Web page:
ALABAMA EXPUNGEMENT LAW PASSES IN 2014 LEGISLATURE

Alabama ExpungementAlabama Expungement Bill Signed Into Law

The Alabama Legislature passed an Alabama Expungement Bill this year and the bill was signed in to law on April 7, 2014.  The law will become effective on July 7, 2014.  We have been reporting in the past on unsuccessful attempts to get legislation passed allowing expungement of criminal records in Alabama for dismissed cases and cases where a defendant is found not guilty.  It is with great joy that we can now report that Alabama has a new expungement law.

WHAT TYPES OF CASES ARE INCLUDED IN THE NEW ALABAMA EXPUNGEMENT LAW

On Misdemeanor Cases expungement would be possible:

  • Where the charge is dismissed with prejudice
  • When the charge has been no billed by a grand jury
  • When the person has been found not guilty of the charge
  • When the charge was dismissed without prejudice, has not been refiled, and the person has not been convicted of any other felony or misdemeanor crime, any violation, or any traffic violation, excluding minor traffic violations, during the previous two years

On Felony Cases expungement would be possible for felonies not considered as “Violent Felonies” under the Alabama Sentencing Guidelines:

  • Where the charge is dismissed with prejudice
  • When the charge has been no billed by a grand jury
  • When the person has been found not guilty of the charge
  • When the charge was dismissed without prejudice, has not been refiled, and the person has not been convicted of any other felony or misdemeanor crime, any violation, or any traffic violation, excluding minor traffic violations, during the previous two years

CRIMES EXCLUDED AS “VIOLENT CRIMES” IN NEW EXPUNGEMENT LAW

PROCEDURE UNDER NEW ALABAMA EXPUNGEMENT LAW

The new expungement law requires a sworn expungement petition to be filed with the Court which handled the case.  The expungement petition must be served on the District Attorney or prosecutor.  The D.A. or prosecutor must make “reasonable efforts” to give notice to any victim in the case.  The prosecutor and/or the victim then has 45 days to file a written objection to the petition.  If either the prosecutor or the victim objects, the court must set the petition for a hearing.

FACTORS CONSIDERED BY COURT UNDER ALABAM EXPUNGEMENT law

Under the new Alabama expungement law, the court should consider the following eight factors in deciding whether to grant the petition:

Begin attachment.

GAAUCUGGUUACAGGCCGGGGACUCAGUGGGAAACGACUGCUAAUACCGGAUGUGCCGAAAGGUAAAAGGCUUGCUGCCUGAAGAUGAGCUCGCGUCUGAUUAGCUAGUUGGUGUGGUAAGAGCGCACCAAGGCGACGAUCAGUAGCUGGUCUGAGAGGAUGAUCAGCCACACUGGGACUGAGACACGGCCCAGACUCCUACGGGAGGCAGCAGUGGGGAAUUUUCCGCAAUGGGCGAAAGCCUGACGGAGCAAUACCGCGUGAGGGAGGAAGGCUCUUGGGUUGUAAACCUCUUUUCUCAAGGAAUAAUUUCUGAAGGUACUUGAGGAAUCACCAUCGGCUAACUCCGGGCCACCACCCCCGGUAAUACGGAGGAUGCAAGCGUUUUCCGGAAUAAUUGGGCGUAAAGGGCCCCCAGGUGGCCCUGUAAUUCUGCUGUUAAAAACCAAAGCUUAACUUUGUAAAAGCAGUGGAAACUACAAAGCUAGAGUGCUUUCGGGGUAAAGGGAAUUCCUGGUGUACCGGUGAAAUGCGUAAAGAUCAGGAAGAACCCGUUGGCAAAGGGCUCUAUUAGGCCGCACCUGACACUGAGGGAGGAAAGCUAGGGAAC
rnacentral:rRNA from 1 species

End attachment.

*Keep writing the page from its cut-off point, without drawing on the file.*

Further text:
• Nature and seriousness of the offense committed
  • Circumstances under which the offense occurred
  • Date of the offense
  • Age of the person when the offense was committed
  • Whether the offense was an isolated or repeated incident
  • Social conditions which may have contributed to the offense
  • An available probation or parole record, report, or recommendation
  • Evidence of rehabilitation, including good conduct in prison or jail, in the community, counseling or psychiatric treatment received, acquisition of additional academic or vocational schooling, successful business or employment history, and the recommendation of his or her supervisors or other persons in the community.

Under the new expungement law it appears that the hearing is mandatory, and the court must be reasonably satisfied that the person meets the requirements for expungement.  The law also states that any appellate review of a court’s decision is to be for “abuse of discretion.”  This is an extremely deferential review standard.  The court also has the power to determine ho many cases should be expunged after the first expunged case.  If there is no objection then the court can rule on the petition without a hearing.

COSTS OF EXPUNGEMENT

Expungement comes with a steep price tag; a $300.00 filing fee.  However, there is a provision and procedure for claiming indigence which allows the person to pay the filing fee in payments.  The filing fee under the new Alabama expungement law is $300.00.

EFFECT OF EXPUNGEMENT UNDER NEW LAW

Under the new Alabama expungement law records of the case are sealed and sent to the Alabama Criminal Justice Information Center.  The records affected include the arrest reports, booking and arrest photographs, and computer database records of the State.  The State of Alabama retains a copy of the case “indefinitely.”  However, access to the record requires a court order.